In the end I really don’t like waiting on things, or I may have ordered some of these PCBs myself. Then of course I waited 9 months to find some that someone else went to the trouble to order…. It really showed me how easy it is to put together a simple project like this when you have a properly made PCB compared to trying to wire up some sort of adapter from Pin Headers or IC Sockets and jumper wires. My Pi1541 was very time consuming to build. Sure there was a good bit of planning and construction, but had I ordered in the PCB, it would have been so much easier to assemble. It would have also been a bit easier to design the board when I didn’t have to take into account making VIAs by hand, dealing with lack of solder mask etc.. The Pi1541/Tapuino board did initially have a number of mistakes, and that would have kind of sucked to have ordered in and have to fix that, but it would have been possible. The board is kind of specific too, I didn’t want 4-9 laying around forever either.. How many people want a Pi1541 the size of an original 1541 anyways? If I were to redo the project and it turned out possible to design it to be the proper layout and size to be a Pi Hat type but fit the original 1541, as well as maybe a break away Tapuino board section that could be stand alone.. I may have seen a use for more of the boards. That was far beyond ever doing with my hobby level board etching ability. I have since made a second Pi1541 (without a Tapuino), that one was a lot of hand wiring and would have been so much easier with a PCB or two.. Still what am I going to do with 5-10 of a board.. Most of my projects I only need one or two of.

Pi1541 in 1541 Case & Tapuino – Part 3 : Schematics and a bit

I wanted to post the final Schematics for the Pi1541 Option B+SRQ and Bare Tapuino here.

Gerber Files for the board can be downloaded from here:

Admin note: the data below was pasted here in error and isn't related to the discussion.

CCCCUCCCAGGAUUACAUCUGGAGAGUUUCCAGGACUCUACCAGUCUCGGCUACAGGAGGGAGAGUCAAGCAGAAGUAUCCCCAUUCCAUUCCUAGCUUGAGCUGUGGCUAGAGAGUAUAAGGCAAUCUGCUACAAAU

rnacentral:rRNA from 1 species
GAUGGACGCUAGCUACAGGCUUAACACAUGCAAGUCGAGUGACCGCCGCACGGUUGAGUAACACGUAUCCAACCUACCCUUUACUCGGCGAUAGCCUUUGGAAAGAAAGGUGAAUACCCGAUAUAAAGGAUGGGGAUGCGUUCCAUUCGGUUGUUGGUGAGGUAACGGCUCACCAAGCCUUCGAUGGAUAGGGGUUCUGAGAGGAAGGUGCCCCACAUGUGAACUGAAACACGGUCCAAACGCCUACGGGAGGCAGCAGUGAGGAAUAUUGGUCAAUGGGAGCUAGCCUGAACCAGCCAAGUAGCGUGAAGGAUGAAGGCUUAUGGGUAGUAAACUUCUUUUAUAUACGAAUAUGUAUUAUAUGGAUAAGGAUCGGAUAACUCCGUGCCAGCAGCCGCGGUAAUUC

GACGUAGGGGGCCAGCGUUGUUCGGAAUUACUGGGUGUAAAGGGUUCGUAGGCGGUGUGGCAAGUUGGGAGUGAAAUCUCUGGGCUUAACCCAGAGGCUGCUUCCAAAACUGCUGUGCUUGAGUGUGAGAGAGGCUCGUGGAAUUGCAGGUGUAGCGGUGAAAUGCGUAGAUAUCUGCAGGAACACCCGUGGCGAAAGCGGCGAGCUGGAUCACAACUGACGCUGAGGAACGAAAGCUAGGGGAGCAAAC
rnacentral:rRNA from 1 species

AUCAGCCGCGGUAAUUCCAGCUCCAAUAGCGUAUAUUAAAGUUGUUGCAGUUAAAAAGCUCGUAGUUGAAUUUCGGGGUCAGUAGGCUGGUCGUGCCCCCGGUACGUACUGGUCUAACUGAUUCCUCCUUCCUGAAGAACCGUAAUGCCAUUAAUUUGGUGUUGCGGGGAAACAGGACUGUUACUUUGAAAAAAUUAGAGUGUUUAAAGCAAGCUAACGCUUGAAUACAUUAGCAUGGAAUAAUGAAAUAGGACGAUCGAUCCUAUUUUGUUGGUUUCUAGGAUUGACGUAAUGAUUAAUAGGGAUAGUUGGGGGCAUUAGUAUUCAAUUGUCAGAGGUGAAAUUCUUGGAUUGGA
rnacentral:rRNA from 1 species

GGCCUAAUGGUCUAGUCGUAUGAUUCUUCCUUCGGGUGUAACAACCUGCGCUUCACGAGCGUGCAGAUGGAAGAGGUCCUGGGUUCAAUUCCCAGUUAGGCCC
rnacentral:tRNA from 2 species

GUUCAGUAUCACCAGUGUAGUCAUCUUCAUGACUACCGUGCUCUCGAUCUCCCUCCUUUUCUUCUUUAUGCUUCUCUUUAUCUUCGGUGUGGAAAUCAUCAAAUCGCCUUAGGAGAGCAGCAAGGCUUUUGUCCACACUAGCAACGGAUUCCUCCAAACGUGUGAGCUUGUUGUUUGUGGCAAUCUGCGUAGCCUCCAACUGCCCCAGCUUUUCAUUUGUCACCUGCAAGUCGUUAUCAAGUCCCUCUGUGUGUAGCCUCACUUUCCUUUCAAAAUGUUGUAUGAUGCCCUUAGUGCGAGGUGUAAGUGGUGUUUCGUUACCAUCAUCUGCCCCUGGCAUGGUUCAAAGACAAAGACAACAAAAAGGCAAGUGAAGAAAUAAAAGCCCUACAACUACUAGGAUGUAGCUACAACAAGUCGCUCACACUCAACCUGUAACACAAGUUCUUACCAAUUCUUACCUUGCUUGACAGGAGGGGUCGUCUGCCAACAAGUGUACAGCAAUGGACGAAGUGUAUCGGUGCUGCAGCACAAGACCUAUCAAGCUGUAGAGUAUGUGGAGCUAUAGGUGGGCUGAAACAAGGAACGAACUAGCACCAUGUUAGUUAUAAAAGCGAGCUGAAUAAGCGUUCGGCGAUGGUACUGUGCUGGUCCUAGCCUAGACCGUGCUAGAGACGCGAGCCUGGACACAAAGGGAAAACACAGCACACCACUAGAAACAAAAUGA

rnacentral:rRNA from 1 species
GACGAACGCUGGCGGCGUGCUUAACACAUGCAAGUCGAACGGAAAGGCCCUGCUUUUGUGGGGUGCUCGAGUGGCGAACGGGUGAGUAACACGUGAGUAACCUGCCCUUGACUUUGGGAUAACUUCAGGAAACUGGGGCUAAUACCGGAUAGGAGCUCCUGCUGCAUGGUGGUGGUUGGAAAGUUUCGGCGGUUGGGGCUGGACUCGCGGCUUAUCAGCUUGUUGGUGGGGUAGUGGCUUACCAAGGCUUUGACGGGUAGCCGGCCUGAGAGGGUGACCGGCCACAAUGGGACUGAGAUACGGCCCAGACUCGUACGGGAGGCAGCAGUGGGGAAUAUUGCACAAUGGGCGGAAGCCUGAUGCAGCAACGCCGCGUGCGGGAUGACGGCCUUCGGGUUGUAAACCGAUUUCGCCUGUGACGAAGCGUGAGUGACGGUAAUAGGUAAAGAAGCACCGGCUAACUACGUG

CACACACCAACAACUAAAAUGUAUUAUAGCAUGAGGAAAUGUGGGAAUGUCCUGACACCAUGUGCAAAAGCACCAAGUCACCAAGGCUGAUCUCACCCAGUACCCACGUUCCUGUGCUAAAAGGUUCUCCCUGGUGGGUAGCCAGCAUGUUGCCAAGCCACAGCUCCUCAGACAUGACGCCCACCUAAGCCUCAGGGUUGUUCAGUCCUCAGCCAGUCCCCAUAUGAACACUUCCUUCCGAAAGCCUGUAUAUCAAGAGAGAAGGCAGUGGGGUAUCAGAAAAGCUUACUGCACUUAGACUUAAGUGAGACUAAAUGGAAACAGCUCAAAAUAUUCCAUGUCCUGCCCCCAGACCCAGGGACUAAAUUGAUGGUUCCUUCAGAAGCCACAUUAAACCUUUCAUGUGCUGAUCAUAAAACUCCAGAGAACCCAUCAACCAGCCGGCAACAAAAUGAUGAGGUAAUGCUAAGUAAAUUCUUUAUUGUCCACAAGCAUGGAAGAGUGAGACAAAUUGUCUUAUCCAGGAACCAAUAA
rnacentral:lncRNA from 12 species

Below is the Bare Tapuino schematic. It is basically a Tapuino using a bare ATMEGA328 instead of an Arduino Nano etc as the base. The ATMEGA is burned with the Arduino Uno boot loader. It can be programmed by pulling it or on the board. The required connections are available on the board by the Reset pin plus and other headers. That is why the Reset pin is there, to make that easier. I didn’t route a regular ICSP header though. It was hard enough to route this board for me, and I believe the other header with the required pins would have had to been unplugged for it to succeed. There has not been any firmware update for the Tapuino in a good while either. The design is a combination of the schematics from the Tapuino Github. The C2CON header is for the secondary Cassette for recording from it. I did not use that, although I do have the header in there on my board I have no connector anywhere to accomplish it. Because I am not using that feature, I really don’t need the 4052N on my board. That is what it is for. The 4052N can be bypassed by putting two jumpers in its place. The first jumper goes from Pin1 to Pin3 on it (Write Signal). The second bypass jumper goes from Pin12 to Pin13 (Read Signal). The Tapuino is a Tapuino 1.5 plus the Read and Write LEDs from the Tapuino Mini 1.02, and then using a bare Atmega instead of a Arduino Nano or Mini etc. I could not find schematics for the later Tapuino versions, I guess someone else made them to sell and has not released them. I didn’t care for a buzzer or speaker attached to hear the playback, so I was fine without that. I really do not have the Read or Write LEDs on my board at this time as they were added later. I might add them, but I am not sure it is worth the trouble. I would have to take my control panel apart to get them installed, my thought is to place some surface mount LEDs just behind the mesh. The other thing I would like is there was another firmware out there that had some “graphical” look to the Tapuino LCD display, I would really prefer that. I can’t find it anywhere, it was posted on a German blog I believe, but only pictures of it, no code etc.